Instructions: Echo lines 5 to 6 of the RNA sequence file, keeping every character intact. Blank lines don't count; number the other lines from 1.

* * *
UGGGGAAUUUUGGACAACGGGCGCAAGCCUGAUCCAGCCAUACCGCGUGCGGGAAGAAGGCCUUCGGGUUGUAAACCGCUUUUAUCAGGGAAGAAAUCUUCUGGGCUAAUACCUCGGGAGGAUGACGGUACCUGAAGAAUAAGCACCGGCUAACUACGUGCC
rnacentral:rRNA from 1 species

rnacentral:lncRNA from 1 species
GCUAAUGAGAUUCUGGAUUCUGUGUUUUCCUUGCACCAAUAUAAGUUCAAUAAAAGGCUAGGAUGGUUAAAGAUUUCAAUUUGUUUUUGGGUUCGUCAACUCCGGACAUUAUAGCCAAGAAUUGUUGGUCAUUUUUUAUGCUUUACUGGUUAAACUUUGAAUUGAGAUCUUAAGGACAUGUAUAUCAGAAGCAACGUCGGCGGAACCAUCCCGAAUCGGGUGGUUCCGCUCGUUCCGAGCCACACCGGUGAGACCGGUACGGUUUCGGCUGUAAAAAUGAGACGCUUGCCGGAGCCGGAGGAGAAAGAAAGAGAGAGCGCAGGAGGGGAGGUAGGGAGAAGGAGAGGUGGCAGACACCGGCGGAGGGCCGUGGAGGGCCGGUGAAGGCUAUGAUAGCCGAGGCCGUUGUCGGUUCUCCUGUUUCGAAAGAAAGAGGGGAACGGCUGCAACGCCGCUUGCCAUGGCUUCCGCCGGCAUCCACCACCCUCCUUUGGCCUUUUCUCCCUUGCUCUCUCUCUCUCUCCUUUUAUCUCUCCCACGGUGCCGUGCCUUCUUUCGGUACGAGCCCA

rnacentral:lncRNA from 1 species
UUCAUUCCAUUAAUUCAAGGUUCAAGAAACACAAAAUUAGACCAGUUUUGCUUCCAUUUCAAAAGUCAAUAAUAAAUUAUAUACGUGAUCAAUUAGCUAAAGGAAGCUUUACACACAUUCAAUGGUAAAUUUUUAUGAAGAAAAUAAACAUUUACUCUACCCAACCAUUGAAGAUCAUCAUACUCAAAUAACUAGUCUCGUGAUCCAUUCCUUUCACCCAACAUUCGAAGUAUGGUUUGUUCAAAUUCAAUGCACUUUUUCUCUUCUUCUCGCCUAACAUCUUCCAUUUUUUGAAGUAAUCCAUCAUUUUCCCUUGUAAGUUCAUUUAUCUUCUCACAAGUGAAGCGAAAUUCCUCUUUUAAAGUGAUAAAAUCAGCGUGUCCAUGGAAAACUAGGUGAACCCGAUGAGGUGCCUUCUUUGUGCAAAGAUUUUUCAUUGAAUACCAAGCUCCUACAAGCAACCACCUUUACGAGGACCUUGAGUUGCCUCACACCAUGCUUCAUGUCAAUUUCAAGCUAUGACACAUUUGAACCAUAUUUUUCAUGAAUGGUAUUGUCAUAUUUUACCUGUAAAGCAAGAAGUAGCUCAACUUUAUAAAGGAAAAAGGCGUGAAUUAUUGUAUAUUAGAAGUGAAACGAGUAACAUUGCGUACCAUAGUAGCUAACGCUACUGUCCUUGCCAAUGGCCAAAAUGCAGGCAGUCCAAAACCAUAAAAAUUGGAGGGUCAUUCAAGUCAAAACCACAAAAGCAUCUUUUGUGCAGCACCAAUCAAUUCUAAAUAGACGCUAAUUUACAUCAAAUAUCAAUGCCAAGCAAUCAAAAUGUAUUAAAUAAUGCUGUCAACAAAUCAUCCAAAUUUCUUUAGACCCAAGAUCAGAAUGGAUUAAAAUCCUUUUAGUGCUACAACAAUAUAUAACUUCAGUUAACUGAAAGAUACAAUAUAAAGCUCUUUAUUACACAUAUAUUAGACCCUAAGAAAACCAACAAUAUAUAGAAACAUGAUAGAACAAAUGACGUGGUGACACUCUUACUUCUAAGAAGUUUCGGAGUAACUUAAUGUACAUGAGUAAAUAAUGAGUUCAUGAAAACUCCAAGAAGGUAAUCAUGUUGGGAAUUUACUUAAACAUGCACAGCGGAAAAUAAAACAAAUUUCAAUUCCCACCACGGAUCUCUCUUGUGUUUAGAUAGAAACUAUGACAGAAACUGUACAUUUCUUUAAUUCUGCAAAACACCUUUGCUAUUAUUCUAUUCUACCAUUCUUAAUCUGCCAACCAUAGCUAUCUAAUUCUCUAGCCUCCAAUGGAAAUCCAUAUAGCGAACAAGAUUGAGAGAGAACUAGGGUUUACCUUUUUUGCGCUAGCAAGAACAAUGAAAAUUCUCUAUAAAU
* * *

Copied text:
rnacentral:lncRNA from 1 species
UUCAUUCCAUUAAUUCAAGGUUCAAGAAACACAAAAUUAGACCAGUUUUGCUUCCAUUUCAAAAGUCAAUAAUAAAUUAUAUACGUGAUCAAUUAGCUAAAGGAAGCUUUACACACAUUCAAUGGUAAAUUUUUAUGAAGAAAAUAAACAUUUACUCUACCCAACCAUUGAAGAUCAUCAUACUCAAAUAACUAGUCUCGUGAUCCAUUCCUUUCACCCAACAUUCGAAGUAUGGUUUGUUCAAAUUCAAUGCACUUUUUCUCUUCUUCUCGCCUAACAUCUUCCAUUUUUUGAAGUAAUCCAUCAUUUUCCCUUGUAAGUUCAUUUAUCUUCUCACAAGUGAAGCGAAAUUCCUCUUUUAAAGUGAUAAAAUCAGCGUGUCCAUGGAAAACUAGGUGAACCCGAUGAGGUGCCUUCUUUGUGCAAAGAUUUUUCAUUGAAUACCAAGCUCCUACAAGCAACCACCUUUACGAGGACCUUGAGUUGCCUCACACCAUGCUUCAUGUCAAUUUCAAGCUAUGACACAUUUGAACCAUAUUUUUCAUGAAUGGUAUUGUCAUAUUUUACCUGUAAAGCAAGAAGUAGCUCAACUUUAUAAAGGAAAAAGGCGUGAAUUAUUGUAUAUUAGAAGUGAAACGAGUAACAUUGCGUACCAUAGUAGCUAACGCUACUGUCCUUGCCAAUGGCCAAAAUGCAGGCAGUCCAAAACCAUAAAAAUUGGAGGGUCAUUCAAGUCAAAACCACAAAAGCAUCUUUUGUGCAGCACCAAUCAAUUCUAAAUAGACGCUAAUUUACAUCAAAUAUCAAUGCCAAGCAAUCAAAAUGUAUUAAAUAAUGCUGUCAACAAAUCAUCCAAAUUUCUUUAGACCCAAGAUCAGAAUGGAUUAAAAUCCUUUUAGUGCUACAACAAUAUAUAACUUCAGUUAACUGAAAGAUACAAUAUAAAGCUCUUUAUUACACAUAUAUUAGACCCUAAGAAAACCAACAAUAUAUAGAAACAUGAUAGAACAAAUGACGUGGUGACACUCUUACUUCUAAGAAGUUUCGGAGUAACUUAAUGUACAUGAGUAAAUAAUGAGUUCAUGAAAACUCCAAGAAGGUAAUCAUGUUGGGAAUUUACUUAAACAUGCACAGCGGAAAAUAAAACAAAUUUCAAUUCCCACCACGGAUCUCUCUUGUGUUUAGAUAGAAACUAUGACAGAAACUGUACAUUUCUUUAAUUCUGCAAAACACCUUUGCUAUUAUUCUAUUCUACCAUUCUUAAUCUGCCAACCAUAGCUAUCUAAUUCUCUAGCCUCCAAUGGAAAUCCAUAUAGCGAACAAGAUUGAGAGAGAACUAGGGUUUACCUUUUUUGCGCUAGCAAGAACAAUGAAAAUUCUCUAUAAAU